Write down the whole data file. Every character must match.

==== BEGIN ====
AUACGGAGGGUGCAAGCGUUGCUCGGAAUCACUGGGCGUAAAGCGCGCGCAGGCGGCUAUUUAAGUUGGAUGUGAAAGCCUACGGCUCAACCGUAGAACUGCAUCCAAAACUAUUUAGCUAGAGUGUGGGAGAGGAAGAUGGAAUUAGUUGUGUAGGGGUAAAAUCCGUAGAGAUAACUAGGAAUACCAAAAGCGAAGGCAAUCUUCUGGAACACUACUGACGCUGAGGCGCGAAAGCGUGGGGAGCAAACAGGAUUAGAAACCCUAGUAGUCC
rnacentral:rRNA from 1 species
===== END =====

AUACGGAGGGUGCAAGCGUUGCUCGGAAUCACUGGGCGUAAAGCGCGCGCAGGCGGCUAUUUAAGUUGGAUGUGAAAGCCUACGGCUCAACCGUAGAACUGCAUCCAAAACUAUUUAGCUAGAGUGUGGGAGAGGAAGAUGGAAUUAGUUGUGUAGGGGUAAAAUCCGUAGAGAUAACUAGGAAUACCAAAAGCGAAGGCAAUCUUCUGGAACACUACUGACGCUGAGGCGCGAAAGCGUGGGGAGCAAACAGGAUUAGAAACCCUAGUAGUCC
rnacentral:rRNA from 1 species